Courtesy Photo

Whether you love it, hate it, or altogether ignore it, there’s no denying the power of the blogosphere — especially when it comes to new music. Back in 2010, the almighty arbiters of tuneage over at Pitchfork Media posted a catchy little ditty called “Go Outside.” With its chiming glockenspiel, hazy production, and wide-eyed ’60s-inspired female vocals, the song seemed tailor-made for the indie-loving masses, and, sure enough, within a couple of days “Go Outside” had gone music-blog viral. To add to the excitement, the band behind the track revealed themselves to be an as-yet-unheard-of — and completely un-Googleable — duo from Brooklyn, New York, called Cults. A perfect, pure new music score, the pair had no Myspace, no Facebook, and, well, no live band to speak of, yet before they knew it, they had labels reaching out to offer them a record deal.

“We’d never even had a practice,” laughed guitarist Brian Oblivion, phoning in between gigs from last week’s South by Southwest festival in Austin, Texas. “The band had never existed,” he went on to explain. “Once that happened, we panicked. We started rounding up all of our friends who play music, and they kind of became the lineup. We had to kind of work backward through the whole thing.”

Back before the blogs caught wind, Cults was the bedroom project of Oblivion and girlfriend Madeline Follin. The pair met while attending film school in New York City (both originally hail from San Diego) and started jamming together as little more than a pastime. The sweet-voiced Follin had dabbled in music early on and, thanks to her musically inclined stepfather, even recorded with Dee Dee Ramone as a kid. Oblivion had dabbled and spent a chunk of his college career scoring films.

“I was just the typical teenage suburban kid with an electric guitar,” said Oblivion. “One week I was really into music; the next week I was really into making videos of my friends skateboarding. I never really had any focus until I got into film. That was my main thing; and then the music thing started happening, and it kind of switched.”

And as Oblivion remembers it, the switch happened fast. “We were getting contacted by labels almost immediately,” he exclaimed. With a handful of seasoned music vets at their side (namely, Follin’s stepdad and her older brother Richie, who records under the name Guards), though, the duo did as told and stayed patient. “If we had been doing it ourselves, we would have said yes to the first people who offered,” Oblivion said. “We were so excited.”

Instead, Oblivion and Follin took the opportunity to flesh out their vision. They spent months writing, recording, and self-producing a handful of new songs, then took to the streets with the material that would be Cults’ debut full-length. “We were just walking around to record labels and playing them the record. If they said anything critical we would just leave and go somewhere else,” laughed Oblivion. Still, it didn’t take long for the pair to find a label open to their vision, and in early 2011 Oblivion and Follin joined forces with Columbia Records imprint In the Name Of, run by Brit pop tartlet Lily Allen.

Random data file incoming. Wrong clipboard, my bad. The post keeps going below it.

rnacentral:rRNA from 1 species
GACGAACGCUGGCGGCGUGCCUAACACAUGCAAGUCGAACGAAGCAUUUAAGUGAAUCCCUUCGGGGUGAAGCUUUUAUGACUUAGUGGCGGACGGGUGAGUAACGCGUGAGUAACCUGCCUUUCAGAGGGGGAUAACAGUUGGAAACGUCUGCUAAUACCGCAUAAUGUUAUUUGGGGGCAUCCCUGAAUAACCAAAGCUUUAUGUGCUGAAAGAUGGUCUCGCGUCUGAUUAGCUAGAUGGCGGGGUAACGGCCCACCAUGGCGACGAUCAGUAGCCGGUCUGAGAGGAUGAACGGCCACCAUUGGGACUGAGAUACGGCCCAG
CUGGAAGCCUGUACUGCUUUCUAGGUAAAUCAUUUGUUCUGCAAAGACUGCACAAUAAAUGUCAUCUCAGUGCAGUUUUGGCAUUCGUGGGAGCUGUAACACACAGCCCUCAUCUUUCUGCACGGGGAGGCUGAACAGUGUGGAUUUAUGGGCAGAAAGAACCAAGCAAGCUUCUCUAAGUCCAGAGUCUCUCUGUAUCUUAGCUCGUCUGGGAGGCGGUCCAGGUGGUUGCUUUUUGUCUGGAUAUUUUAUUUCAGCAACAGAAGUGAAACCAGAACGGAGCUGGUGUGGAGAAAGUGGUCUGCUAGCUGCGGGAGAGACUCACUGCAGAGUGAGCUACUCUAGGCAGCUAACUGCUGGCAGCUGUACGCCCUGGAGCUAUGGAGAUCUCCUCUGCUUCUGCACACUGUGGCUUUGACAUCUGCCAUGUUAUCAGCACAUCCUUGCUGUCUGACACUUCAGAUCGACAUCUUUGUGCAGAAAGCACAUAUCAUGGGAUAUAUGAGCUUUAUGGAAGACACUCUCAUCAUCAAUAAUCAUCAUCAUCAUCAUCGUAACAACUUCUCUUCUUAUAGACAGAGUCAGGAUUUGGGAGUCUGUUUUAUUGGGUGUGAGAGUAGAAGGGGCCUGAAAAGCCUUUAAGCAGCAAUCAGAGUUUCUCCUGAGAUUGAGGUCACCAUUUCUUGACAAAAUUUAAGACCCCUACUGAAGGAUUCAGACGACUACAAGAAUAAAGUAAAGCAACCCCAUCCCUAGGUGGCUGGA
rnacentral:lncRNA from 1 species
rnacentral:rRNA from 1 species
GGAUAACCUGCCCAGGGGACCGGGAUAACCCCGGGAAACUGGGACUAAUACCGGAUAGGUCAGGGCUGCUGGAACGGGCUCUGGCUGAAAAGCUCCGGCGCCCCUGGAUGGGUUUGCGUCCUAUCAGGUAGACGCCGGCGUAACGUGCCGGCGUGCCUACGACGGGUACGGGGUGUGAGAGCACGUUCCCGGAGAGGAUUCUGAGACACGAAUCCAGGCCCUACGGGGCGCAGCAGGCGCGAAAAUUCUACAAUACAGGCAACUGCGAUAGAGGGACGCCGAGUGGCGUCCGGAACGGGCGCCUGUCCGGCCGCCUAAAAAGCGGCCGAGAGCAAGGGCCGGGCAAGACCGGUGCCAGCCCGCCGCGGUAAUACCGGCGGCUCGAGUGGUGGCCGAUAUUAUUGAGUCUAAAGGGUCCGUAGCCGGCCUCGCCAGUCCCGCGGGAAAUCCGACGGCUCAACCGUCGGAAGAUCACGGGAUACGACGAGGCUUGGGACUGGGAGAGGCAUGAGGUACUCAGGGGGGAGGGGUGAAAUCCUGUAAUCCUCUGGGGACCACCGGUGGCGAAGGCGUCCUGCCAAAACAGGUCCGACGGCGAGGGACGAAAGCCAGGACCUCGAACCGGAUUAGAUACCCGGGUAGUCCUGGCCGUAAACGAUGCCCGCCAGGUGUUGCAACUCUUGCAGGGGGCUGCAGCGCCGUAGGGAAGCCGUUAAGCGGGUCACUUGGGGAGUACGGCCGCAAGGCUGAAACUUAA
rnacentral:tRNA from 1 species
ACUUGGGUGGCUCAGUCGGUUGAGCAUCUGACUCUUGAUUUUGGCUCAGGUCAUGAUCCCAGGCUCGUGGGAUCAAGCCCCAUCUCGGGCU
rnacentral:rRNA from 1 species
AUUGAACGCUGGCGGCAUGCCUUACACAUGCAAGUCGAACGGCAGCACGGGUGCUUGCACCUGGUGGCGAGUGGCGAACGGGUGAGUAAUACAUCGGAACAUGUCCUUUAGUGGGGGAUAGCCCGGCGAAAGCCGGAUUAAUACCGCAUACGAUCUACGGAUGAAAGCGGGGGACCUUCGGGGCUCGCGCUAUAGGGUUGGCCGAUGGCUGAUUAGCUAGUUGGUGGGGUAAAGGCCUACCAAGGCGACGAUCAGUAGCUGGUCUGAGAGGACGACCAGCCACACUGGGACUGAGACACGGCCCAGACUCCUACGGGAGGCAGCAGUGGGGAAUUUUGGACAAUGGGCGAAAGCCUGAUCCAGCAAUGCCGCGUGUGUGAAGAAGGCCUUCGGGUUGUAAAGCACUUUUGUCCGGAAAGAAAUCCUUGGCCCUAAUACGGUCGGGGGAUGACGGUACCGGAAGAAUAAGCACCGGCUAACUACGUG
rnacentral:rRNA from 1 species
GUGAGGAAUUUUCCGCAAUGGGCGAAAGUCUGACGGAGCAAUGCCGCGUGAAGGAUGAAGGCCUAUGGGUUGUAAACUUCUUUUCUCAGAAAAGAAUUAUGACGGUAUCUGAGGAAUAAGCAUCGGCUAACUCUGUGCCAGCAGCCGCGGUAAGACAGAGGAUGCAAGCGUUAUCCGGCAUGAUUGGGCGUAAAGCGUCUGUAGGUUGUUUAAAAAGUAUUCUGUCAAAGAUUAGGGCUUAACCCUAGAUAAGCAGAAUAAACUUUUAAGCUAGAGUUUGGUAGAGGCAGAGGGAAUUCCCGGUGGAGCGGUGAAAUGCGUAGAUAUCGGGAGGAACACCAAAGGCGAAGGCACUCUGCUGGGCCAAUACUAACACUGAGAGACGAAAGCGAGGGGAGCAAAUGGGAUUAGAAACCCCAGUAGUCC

“It was kind of fun,” said Oblivion of the experience. “We kind of held the hour because we knew what we wanted to do. We were capable of producing our own music and our own artwork and our own videos. We already had songs, we already had plans — we didn’t really feel like we needed to give anybody anything.”

In the wake of much Internet buzzing, Cults released their self-titled debut in June of last year. Following on the heels of “Go Outside,” the record is brimming with Follin’s sugary sing-song, Oblivion’s moody guitar licks, and a whole lot of insanely catchy hooks. Stylistically, the comparisons to Phil Spector’s famous wall-of-sound production treatments are numerous, and more often than not Follin sounds like an eager youngster miming along to the Supremes. But rather than sounding trite or forced, Cults plays out as a sunny and sparkling debut that’s at times downright infectious.

Following their breakneck South By schedule, Cults head out on another nationwide tour, which finds them at Velvet Jones this Saturday, March 24. After that, it’s into the studio to begin work on a follow-up, which they hope to finish by sometime this summer. “The philosophy behind it is that we set out to try and make a dance record without any juicy dance beats and a funk record without any cheesy vamping or major-sounding chords,” explained Oblivion. “It’s about trying to find your own place in the world, even if it doesn’t fit everybody else’s mold.”


Cults play an all-ages show at Velvet Jones (423 State St.) on Saturday, March 24, at 8 p.m. with openers Mrs. Magician and Spectrals. Call (805) 965-8676 or visit for tickets and info.


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